Finally, the adolescents in the high ethnic and non-ethnicity-based victimization clusters were compared with those in the normative cluster. The results showed that adolescents in the high ethnic and non-ethnicity-based victimization cluster had a greater likelihood of being male and immigrant. They also had a greater likelihood of being impulsive and morally disengaged, and a lower likelihood of having positive attitudes toward immigrants. Adolescents’ age, empathic concerns, and perspective-taking skills did not significantly differentiate the adolescents in this cluster from those in the normative cluster (see Table 4).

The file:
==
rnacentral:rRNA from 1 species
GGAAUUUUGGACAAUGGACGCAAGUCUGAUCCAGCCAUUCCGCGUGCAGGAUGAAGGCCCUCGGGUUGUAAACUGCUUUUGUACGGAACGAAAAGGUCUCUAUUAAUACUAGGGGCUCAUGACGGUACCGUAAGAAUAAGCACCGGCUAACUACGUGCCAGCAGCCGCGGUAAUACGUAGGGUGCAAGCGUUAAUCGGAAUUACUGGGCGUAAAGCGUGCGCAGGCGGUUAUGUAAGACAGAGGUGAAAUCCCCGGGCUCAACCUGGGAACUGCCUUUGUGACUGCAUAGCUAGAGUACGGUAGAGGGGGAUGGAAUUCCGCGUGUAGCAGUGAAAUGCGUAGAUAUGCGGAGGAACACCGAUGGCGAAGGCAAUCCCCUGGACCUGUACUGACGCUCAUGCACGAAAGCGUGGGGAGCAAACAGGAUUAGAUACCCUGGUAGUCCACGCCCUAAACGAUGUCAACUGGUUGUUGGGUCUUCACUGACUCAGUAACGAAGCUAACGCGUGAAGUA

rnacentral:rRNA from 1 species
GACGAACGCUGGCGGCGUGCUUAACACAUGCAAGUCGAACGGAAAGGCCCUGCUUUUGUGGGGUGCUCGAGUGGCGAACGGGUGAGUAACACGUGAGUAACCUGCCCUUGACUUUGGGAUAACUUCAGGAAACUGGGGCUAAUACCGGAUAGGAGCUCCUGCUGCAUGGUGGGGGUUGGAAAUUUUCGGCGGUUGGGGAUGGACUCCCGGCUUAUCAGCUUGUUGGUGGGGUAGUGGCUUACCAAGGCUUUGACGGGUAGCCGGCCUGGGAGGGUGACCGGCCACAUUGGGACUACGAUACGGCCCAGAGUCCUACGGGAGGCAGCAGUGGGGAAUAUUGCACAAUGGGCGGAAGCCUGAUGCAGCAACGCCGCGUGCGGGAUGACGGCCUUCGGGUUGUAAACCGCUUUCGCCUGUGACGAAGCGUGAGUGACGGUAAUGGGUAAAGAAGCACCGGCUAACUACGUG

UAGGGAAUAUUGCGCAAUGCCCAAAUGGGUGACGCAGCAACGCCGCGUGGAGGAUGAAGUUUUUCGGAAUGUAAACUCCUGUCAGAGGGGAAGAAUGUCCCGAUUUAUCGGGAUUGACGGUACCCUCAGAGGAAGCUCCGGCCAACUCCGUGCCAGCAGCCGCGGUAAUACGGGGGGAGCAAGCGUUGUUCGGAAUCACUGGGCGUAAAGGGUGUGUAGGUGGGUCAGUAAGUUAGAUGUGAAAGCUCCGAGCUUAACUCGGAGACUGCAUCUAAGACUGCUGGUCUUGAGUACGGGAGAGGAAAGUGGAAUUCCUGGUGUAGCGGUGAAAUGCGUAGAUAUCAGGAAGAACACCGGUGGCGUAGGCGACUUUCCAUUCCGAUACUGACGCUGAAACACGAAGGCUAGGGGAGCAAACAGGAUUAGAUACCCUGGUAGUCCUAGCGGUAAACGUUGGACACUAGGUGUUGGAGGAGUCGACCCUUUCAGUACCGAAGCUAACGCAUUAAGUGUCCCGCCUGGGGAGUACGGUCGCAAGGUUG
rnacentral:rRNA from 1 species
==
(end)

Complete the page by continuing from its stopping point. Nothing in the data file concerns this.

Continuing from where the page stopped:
In sum, the results from the first multinomial logistic regression model indicated that the predictors of being in non-normative clusters relative to being in the normative cluster have both similarities and dissimilarities. Being male and morally disengaged seems to be a common denominator of all three non-normative clusters. Having an immigrant background and displaying impulsivity were the common risk factors for both clusters high on non-ethnicity-based victimization. Low positive attitudes toward immigrants was the risk factor shared by both the clusters high on ethnic victimization.

Comparisons between the non-normative clusters